At first glance, the distribution looks pretty Poissonian, as expected. There are a few scattered pixels registering a little brighter, but that's perhaps not so terribly unusual, given the relatively tiny spread of intensities with even the most extreme outliers. I won't say for certain whether or not there might be something unexpected at play, here, but I don't notice anything as unusual as the standard deviation 'spike' seen from intensities 120-129 as observed in the log from yesterday.
Speaking of that spike, the rest of the day was spent trying to investigate it a little more. In order to accomplish this, I wrote the following functions (all attached):
-spotfind.m -- inputs a 3D array of several Hartmann images as well as a starting pixel and threshold intensity level. analyzes the first image, scanning starting at the starting pixel until it finds a spot (with an edge determined by the threshold level), after which it finds a box of pixels which completely surrounds the spot and then shrinks the matrix down to this size, localizing the image to a single spot
-singspotcent.m -- inputs the image array outputted from spotfind, subtracts an estimate of the background, then uses the centroiding algorithm sum(x*P^2)/sum(P^2) to find the centroid (where x is the coordinate and P is the intensity level), then outputs the centroid location
-hemiadd.m -- inputs the image from spotfind and the centroid from singspotcent, subtracts an estimate of the background, then finds the sum total intensity in the top half of the image above the centroid, the bottom half, the left half and the right half, outputs these values as n-component vectors for an n-image input, subtracts from each vector its mean and then plots the deviations in intensity from the mean in each half of the image as a function of time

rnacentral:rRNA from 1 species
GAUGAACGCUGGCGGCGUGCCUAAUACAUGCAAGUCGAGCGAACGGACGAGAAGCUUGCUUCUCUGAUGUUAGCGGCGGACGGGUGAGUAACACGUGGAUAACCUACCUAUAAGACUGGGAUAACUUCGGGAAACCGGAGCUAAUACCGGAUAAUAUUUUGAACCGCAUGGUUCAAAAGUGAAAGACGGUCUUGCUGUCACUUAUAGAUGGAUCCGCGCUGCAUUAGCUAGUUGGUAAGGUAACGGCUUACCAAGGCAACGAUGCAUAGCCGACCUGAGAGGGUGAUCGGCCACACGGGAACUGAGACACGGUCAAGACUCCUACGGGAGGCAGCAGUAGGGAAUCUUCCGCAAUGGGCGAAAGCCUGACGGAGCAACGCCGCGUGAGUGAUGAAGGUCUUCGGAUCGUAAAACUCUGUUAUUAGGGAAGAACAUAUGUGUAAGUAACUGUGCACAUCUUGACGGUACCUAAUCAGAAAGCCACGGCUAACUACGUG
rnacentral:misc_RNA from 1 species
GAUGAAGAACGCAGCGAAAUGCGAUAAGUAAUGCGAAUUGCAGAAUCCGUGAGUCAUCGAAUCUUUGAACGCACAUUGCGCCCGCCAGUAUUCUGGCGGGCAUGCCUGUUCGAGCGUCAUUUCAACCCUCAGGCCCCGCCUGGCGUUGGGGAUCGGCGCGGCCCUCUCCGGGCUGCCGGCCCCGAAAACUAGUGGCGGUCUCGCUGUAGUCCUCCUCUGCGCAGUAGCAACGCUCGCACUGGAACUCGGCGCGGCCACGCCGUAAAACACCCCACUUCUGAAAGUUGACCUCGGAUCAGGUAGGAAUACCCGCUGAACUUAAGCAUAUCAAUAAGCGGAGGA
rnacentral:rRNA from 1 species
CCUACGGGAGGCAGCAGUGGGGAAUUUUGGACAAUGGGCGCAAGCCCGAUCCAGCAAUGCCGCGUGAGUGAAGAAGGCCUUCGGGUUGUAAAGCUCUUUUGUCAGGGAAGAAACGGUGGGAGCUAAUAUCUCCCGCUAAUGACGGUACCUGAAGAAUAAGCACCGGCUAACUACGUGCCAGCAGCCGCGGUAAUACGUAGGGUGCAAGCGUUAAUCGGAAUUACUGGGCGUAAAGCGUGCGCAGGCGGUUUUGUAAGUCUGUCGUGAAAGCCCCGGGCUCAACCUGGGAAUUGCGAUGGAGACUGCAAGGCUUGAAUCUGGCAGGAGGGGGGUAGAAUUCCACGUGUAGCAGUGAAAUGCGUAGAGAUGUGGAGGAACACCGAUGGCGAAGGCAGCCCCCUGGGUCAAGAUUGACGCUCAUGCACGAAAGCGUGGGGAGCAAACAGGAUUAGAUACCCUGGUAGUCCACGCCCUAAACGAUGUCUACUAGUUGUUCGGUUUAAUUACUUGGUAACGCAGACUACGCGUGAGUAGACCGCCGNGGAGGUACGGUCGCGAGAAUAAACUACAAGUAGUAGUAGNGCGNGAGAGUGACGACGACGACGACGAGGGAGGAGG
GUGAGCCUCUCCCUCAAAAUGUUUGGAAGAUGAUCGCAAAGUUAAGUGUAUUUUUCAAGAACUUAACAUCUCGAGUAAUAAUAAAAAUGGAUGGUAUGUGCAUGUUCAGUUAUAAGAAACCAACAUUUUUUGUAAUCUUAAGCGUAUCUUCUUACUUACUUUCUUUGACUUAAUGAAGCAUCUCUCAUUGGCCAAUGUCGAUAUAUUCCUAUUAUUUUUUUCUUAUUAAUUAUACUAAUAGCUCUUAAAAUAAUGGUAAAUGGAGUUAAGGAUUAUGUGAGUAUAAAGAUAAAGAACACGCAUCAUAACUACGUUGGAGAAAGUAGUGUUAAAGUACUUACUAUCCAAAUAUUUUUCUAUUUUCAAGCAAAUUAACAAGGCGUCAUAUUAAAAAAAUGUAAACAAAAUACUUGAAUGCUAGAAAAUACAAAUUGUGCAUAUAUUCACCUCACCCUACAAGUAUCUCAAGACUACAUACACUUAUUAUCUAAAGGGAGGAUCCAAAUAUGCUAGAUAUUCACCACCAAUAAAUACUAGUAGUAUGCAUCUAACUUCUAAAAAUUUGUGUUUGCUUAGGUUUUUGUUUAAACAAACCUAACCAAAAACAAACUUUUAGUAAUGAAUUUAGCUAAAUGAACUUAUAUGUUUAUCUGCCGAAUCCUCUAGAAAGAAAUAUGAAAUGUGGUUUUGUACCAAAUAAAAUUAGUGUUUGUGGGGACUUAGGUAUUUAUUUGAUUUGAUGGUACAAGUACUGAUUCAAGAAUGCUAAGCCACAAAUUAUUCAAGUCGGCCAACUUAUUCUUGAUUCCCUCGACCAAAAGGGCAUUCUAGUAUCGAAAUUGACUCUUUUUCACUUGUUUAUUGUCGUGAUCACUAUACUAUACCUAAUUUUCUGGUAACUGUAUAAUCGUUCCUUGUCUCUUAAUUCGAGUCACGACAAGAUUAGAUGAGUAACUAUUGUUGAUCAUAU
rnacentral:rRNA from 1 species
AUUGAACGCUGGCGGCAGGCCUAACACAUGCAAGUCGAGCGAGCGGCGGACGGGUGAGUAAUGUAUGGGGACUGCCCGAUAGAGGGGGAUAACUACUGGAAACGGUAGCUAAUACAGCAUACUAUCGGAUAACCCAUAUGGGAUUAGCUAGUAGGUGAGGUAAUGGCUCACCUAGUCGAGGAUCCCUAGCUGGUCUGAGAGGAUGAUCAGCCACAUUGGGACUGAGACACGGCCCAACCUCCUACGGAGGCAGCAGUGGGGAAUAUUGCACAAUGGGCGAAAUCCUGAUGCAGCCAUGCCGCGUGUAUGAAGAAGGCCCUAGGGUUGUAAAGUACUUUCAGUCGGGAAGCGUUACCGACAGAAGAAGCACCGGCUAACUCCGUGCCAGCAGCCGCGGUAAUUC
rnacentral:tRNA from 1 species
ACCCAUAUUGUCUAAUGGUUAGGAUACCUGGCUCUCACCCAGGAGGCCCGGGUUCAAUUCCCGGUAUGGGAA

-edgeadd.m -- similar to hemiadd, except that rather than adding up all pixels on one half of the image, it inputs a threshold, determines how far to the right of the centroid that the spot falls past this treshold and uses it as a radial length, then finds the sum of the intensities of a bar of 3 pixels on this "edge" at the radial length away from the centroid.
-spotfft.m -- performs a fast fourier transform on the outputs from edgeadd, outputting the frequency spectrum at which the intensity of these edge pixels oscillate, then plotting these for each of the four edge vectors. see an example output below.
--halfspot_fluc.m and halfspot_edgefluc.m -- master functions which combine and automate the functions previous
Dr. Brooks has suggested that the observed flickering might perhaps be an effect resulting from the finite thickness of the Hartmann Plate. The OLED can be treated as a point source and thus can be approximated as emitting a spherical wavefront, and thus the light from it will hit this edge at an angle and be scattered onto the CCD. If the plate vibrates, then (which it certainly must to some degree) the wavefront will hit this edge at a different angle as the edge is displaced temporarily through vibration, and thus this light will hit the CCD at a different point, causing the flickering (which is, after all, observed to occur near the edge of the spot). This effect certainly must cause some level of noise, but whether it's the culprit for our 'flickering' spike in the standard deviation remains to be seen.